May 17, 2007

It's all in the time----ing...

by Chris Randall
 

I'm having an odd problem with my system, and I was wondering if perhaps one of my dear readers has had a similar problem, and what the solution might be. Here is the general layout of things:


1. When I have an empty project with no recordings playing back (and thus no disk access) my MIDI timing is rock-solid sampleframe accurate. This is MIDI either being played back from the sequencer or being passed through to an external device. (I'll grant that the latter is hard to test, and I'm more or less just going on feel.)


2. The more tracks I add to the project, the worse the timing gets, and by the time I'm up to my normal track count for an instrumental (which is 30 to 50 stereo tracks) the MIDI timing is so bad as to be essentially useless. Here is an example. What you're hearing is 32nd notes fired every 16th from the DAW to an MKS80, and recording the result. The only way I can get it that good is to open my buffer all the way; I normally run it at 64, but with it set that low, maybe 5 of those notes will trigger, and in the wrong spot, natch. That's at the AES16's highest buffer setting, 1024.


So that's what's happening. The rig is Cubase 4 on Vista Business, on an Athlon64 machine. The audio is streaming off a half-TB RAID 0 array, and the MIDI interface is a MOTU MIDI Express 128. I have tried all the usual methods of getting Cubase to comply; you can rest assured on that account. I've been using PCs for music for over a decade, and Cubase almost that long. I know how to run and tune this rig; this is why this particular issue is giving me some trouble, as it falls outside my experience.


In any event, it is obviously related to the disk streaming. The more audio that is getting played back from the DAW, the worse the timing. Anyone run in to this before? If so, what's the fix?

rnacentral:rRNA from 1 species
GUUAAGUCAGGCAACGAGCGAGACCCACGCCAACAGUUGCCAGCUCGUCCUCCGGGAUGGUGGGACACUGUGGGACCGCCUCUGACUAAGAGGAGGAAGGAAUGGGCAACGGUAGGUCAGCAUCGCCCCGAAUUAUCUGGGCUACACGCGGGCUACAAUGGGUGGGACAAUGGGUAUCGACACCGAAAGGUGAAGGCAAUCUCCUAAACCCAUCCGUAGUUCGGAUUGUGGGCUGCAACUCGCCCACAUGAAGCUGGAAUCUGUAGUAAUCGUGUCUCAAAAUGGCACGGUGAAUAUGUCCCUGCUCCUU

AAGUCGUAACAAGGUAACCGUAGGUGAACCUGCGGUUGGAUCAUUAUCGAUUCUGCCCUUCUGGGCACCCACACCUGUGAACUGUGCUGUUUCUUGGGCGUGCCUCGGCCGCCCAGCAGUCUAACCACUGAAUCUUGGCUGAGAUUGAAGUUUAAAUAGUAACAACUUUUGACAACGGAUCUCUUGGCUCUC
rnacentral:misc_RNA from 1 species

34 comments:

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May.17.2007 @ 5:27 PM
Chris Randall
I did that as soon as I switched to Vista. I discovered that MIDI output from the Remote was causing the Evolver to reset in some unsettling ways, and I unplugged that bitch. I haven't even installed the new Automap shit. Quite frankly, (a) I don't trust anything that wants to wrap VSTs (for obvious reasons) and (b) I don't need a hardware interface for plugins. I find that to be incredibly stupid.

-CR

 
 

 
May.17.2007 @ 8:02 PM
tom
totally uncalled for, completely unneccessary, probably a bit chauvinist, but hey i had a few beers:

i'm so glad i ditched MS all those years ago :p

 
 

 
May.17.2007 @ 8:21 PM
Chris Randall
Almost as glad as I am that I ditched OS8.5, I bet.

-CR

 
 

 
May.17.2007 @ 8:55 PM
Lindon
Yeah, it looks like its your RAID config that is "stealing" CPU cycles from lower priority tasks(i.e the MIDI controller). So you end up with symptoms showing up against processes other than the culprit - confusing.

We had all sorts of problems with Silicon Image drivers(tho not on RAID controllers) and RAID in general - we were less than impressed by "in the field" performance of RAID 0, and like you we write and deploy real-time DSP for a living.

The suggestion to try running 20 or 30 tracks of audio off a non-RAID drive and see what that does is a long way short of dumb. It'll be a hassel to do I'm sure but it defines RAID as either the bad-guy or not straight off the bat.

We ended up just using straight SATA drives for "local machines" - by which we mean anything less than a Sun V440. Of course this means doing regular type back-ups and having a larger window of risk, but you're PC develpers so whip up some over-night back up code to copy to DVD based on the file time-stamp. In fact this wouldnt be the worst product you could introduce for the DAW based musician....

 
 

 
May.17.2007 @ 10:29 PM
SFTPH
I ditched Cubase years ago because of the whore-able midi timing. Thought it would have been fixed by now. Try doubling your BPM and recording in half time.
 
 

 
May.17.2007 @ 11:02 PM
Gibbon
the problem starts with the words "raid controller on the motherboard." and ends with "30 to 50 stereo tracks".
 
 

 
May.17.2007 @ 11:32 PM
itdoesntsuck
1. If you peruse the Unofficial Access virus (TI) board, you'll find that many users there had timing problems controlling their units via usb w/ PC's until they started to run off a separate USB controller card. It's cheap and it's worth trying with your MIDI interface.